Comprehensive Review of the Mechanistic Approach and Related Therapies to Cardiovascular Effects of Aluminum Phosphide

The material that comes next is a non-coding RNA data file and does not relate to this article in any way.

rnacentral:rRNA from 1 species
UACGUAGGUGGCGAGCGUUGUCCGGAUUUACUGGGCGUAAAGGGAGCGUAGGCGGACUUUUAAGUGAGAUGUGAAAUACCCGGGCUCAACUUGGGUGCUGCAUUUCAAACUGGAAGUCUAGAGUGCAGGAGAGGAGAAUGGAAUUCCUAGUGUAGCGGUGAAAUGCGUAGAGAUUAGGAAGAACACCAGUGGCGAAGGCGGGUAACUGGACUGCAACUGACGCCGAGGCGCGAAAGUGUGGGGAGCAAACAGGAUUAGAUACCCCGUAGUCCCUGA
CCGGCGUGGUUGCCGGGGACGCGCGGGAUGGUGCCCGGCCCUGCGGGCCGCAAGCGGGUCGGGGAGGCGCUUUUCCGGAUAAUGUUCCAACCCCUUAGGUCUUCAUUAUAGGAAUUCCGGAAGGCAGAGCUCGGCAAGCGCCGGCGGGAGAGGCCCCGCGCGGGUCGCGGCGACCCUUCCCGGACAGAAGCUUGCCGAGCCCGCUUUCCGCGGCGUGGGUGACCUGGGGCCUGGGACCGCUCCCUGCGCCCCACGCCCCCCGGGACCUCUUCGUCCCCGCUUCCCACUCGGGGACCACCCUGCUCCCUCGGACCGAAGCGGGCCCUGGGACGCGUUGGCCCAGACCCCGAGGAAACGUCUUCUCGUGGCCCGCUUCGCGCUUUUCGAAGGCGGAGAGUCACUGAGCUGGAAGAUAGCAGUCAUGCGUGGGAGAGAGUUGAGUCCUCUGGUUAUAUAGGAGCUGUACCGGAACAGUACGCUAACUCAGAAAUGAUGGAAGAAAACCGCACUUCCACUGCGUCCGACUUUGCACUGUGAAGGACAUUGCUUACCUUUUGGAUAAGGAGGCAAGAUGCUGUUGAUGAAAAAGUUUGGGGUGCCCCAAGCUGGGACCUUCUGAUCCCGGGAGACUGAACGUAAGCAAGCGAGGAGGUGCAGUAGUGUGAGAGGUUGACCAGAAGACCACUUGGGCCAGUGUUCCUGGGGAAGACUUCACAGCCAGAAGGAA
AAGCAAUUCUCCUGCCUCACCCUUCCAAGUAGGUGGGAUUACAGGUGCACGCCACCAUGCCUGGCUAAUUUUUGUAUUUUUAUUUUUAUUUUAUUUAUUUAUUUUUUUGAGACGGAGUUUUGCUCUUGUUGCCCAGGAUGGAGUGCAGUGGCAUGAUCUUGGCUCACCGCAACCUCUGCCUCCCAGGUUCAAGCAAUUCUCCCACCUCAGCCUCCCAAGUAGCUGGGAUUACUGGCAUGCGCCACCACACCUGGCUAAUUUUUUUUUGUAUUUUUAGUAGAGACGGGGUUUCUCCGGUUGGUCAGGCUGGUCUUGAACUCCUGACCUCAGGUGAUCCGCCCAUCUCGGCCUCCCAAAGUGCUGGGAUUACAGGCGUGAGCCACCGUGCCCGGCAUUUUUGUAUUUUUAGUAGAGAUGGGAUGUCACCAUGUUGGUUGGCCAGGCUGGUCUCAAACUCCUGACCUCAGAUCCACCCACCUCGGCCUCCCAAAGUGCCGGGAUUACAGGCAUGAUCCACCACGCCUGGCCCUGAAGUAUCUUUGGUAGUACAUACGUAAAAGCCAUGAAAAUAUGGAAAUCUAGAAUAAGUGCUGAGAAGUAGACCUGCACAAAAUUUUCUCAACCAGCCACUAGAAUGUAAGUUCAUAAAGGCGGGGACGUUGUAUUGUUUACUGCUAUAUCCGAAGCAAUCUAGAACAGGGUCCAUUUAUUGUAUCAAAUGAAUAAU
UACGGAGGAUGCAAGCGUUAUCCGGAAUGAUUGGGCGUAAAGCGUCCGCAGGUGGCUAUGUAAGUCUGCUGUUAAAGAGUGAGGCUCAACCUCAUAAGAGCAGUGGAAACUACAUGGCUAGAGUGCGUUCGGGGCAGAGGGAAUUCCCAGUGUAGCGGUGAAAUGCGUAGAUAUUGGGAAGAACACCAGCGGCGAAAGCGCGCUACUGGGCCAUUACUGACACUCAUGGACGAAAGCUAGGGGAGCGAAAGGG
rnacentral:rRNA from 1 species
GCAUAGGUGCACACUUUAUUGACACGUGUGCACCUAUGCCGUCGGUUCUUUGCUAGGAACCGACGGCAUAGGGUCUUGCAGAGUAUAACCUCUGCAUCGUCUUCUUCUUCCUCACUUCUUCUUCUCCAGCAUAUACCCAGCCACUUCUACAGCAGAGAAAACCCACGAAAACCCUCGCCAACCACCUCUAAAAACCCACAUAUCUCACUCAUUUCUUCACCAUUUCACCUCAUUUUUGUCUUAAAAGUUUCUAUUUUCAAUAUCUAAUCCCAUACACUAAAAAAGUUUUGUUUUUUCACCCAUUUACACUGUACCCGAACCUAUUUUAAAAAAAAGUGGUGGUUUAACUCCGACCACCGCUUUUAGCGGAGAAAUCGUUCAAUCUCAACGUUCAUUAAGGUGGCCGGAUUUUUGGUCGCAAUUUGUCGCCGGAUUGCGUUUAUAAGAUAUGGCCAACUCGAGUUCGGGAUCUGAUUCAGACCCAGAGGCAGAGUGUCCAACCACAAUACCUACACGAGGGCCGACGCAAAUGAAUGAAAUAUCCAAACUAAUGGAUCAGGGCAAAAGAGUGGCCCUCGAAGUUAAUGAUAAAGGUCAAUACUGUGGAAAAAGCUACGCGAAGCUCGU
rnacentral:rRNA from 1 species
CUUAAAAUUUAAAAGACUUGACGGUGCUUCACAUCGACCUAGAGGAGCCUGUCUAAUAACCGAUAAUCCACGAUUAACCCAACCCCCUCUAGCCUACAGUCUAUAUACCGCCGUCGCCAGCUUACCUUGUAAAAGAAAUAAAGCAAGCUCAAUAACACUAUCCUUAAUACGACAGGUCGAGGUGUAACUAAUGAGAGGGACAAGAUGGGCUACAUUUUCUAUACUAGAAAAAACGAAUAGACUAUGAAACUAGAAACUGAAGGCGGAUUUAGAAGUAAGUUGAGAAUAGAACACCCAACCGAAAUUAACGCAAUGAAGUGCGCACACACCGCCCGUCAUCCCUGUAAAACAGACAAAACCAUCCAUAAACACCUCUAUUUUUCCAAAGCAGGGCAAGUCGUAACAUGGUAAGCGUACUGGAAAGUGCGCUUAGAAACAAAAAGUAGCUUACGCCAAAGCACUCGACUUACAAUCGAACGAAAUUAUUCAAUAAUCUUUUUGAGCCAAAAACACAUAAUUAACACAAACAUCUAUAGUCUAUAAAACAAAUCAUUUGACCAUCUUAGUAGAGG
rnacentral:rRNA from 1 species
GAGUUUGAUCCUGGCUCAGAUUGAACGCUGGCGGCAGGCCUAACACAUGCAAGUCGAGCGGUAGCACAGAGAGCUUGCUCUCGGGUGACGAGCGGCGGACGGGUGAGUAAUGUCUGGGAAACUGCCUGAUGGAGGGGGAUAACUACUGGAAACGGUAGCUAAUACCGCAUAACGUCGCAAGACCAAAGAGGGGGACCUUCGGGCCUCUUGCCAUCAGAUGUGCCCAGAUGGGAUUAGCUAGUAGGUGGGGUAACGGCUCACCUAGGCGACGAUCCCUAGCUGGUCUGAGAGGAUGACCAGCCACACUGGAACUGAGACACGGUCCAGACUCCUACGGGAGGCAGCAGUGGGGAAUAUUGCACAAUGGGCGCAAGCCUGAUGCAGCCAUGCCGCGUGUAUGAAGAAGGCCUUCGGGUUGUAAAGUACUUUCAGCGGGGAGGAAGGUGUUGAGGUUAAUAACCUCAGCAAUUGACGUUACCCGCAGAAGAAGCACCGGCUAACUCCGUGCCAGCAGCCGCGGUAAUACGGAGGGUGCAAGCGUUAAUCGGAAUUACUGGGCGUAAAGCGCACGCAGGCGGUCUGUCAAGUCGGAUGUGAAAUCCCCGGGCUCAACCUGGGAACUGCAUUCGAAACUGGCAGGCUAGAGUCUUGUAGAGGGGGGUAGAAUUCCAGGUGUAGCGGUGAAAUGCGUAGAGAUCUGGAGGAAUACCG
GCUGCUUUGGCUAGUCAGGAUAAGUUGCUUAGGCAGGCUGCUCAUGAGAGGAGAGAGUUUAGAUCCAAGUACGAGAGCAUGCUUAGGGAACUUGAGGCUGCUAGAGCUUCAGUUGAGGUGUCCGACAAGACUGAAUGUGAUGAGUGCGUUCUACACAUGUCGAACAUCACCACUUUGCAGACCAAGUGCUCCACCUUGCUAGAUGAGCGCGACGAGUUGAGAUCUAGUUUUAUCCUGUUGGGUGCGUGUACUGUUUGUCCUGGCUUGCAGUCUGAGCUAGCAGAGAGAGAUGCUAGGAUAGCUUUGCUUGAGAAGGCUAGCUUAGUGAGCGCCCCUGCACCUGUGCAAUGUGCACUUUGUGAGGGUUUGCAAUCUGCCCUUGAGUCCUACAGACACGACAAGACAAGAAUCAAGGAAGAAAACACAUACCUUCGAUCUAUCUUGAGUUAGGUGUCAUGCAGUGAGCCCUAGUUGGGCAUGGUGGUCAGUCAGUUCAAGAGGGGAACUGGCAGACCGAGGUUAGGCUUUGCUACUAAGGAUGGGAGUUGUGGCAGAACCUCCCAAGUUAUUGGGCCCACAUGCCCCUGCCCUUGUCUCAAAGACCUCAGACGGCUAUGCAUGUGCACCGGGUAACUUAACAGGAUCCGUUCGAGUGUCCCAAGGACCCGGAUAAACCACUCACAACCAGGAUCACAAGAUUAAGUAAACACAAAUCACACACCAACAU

Aluminum Phosphide (AlP) is an active ingredient of fumigant pesticide which is commonly used in developing countries in order to control pests in stored grain. Acute poisoning with AlP usually occurs in committed suicide through ingestion of its tablets. AlP releases fatal phosphine gas in contact with hydrochloric acid of the stomach. Its detrimental clinical features may range from nausea and headache to vital organ failure and death. However, cardiovascular complications and refractory hypotension are the main cause of death. The exact mechanism of phosphine has not been proved in humans. However, it seems to work as a mitochondrial toxin with inhibition of cytochrome oxidase and cellular oxygen utilization. Since there is no specific antidote for acute AlP poisoning, management of cardiovascular disorders can be an appropriate approach to save poisoned patients. This article reviews cardiovascular toxicities associated with AlP and current therapeutic approaches and tries to clarify possible ways to treat this complication.
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